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Vaping Does Not Pollute Indoor Air According To Study

By Ken Baughman

Friday June 16, 2017
san diego state university study shows vaping does not pollute indoor air
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Researchers at San Diego State University had an ambitious agenda. They wanted to understand why incidents of childhood respiratory conditions like asthma is so prevalent. To that end, they set out on a massive study to research which particulates are polluting the air in our homes. This study was not about second hand vapor. Nonetheless, the results of the study were surprising to some because researchers found that second hand vapor is essentially harmless.

The San Diego State University indoor air pollutant study constantly monitored the air in 300 households. A variety of households were chosen including homes with smokers, vapers etc. Monitors scanned the air for particulates that are between 0.5 and 2.5 micrometers. That size range includes dust, fungal spores, combustion byproducts and vehicle emissions. This size range is relates directly to human health because this size of particulate can penetrate deeply into the lungs. Once penetrating deeply these particulates can have an impact on health causing breathing and cardiovascular problems.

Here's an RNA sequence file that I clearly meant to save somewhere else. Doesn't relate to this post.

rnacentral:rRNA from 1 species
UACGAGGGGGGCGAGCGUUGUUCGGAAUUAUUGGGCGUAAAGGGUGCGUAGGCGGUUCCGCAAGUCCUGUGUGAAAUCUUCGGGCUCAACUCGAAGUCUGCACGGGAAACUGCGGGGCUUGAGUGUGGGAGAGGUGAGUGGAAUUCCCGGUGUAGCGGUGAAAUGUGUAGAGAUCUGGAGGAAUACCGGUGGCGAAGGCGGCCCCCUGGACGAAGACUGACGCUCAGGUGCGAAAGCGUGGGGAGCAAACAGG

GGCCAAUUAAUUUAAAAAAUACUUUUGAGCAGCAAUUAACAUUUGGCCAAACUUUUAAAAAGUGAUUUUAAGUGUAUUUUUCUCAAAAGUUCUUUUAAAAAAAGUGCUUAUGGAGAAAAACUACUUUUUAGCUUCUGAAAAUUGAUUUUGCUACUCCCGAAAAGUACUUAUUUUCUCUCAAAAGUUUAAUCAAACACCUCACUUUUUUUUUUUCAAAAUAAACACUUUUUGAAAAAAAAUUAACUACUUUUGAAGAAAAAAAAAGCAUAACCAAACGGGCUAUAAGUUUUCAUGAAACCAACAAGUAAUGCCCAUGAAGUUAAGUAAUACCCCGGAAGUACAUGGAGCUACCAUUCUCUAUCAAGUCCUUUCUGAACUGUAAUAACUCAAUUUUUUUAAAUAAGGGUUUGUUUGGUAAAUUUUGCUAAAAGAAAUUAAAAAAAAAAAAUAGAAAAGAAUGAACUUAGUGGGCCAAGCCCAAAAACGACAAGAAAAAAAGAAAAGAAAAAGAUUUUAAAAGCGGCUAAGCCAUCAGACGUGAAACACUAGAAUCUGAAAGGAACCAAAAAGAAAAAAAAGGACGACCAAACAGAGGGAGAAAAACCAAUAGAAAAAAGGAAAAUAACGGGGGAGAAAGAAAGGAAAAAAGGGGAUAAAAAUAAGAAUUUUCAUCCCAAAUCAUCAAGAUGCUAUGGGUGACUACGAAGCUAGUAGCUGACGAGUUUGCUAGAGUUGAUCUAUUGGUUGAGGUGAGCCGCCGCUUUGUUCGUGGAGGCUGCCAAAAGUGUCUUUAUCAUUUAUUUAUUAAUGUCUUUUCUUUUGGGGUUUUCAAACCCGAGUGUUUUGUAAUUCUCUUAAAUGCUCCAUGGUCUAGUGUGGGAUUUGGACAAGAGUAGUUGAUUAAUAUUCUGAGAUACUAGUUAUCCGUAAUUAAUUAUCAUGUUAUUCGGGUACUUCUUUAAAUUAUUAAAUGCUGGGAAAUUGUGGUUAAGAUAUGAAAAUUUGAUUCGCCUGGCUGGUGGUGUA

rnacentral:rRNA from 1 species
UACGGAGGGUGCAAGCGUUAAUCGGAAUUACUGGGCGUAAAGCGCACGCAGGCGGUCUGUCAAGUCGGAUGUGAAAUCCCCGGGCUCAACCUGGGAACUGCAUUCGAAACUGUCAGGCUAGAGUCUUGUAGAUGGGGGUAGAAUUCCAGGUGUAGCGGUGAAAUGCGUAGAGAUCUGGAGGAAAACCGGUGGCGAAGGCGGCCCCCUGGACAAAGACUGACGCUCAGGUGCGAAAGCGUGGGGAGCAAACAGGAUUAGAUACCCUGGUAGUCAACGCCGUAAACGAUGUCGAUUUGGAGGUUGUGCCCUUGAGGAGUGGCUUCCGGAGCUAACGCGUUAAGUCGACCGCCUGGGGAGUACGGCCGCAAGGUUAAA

Indoor Pollutants Don’t Include E-Cig Vapor

While second hand vapor may have been shown to not be an indoor air pollutant, many other pollutants were identified. The number one harmful pollutant in a smoker’s home is, no surprise, second hand smoke. In fact, in homes where there is a smoker, the number of pollutants is double that of a home where there is no smoking. While vaping around children is something we should be wary of it is smoking in a home where children live that is downright dangerous.

Surprisingly, combustion particulates from marijuana were as prevalent as particulates from cigarette smoke. The next largest contributors to indoor air pollution were incense, candles, frying food in oil and cleaning products.

Of course the most interesting aspect of this study for vapers is the fact that the SDSU researchers reported the following finding:

“We observed no apparent difference in the weekly mean particle distribution between 43 homes reporting any electronic cigarette usage and those reporting none.”

So that means that electronic cigarettes do not appear to influence the presence of damaging particulates in indoor air. Of course this aspect of the research is not being widely reported. Why? Because, let’s face it, there is an anti-vaping agenda that wants to suppress widespread dissemination of positive news about vaping. This is not the first study to show that second hand vapor does not leave much of a trace. But it is yet another study adding to the always growing body of evidence showing vaping as a potential harm reducer.

“We observed no apparent difference in the weekly mean particle distribution between 43 homes reporting any electronic cigarette usage and those reporting none.” That’s what the researchers said and we think it speaks volumes.

ECCR

 

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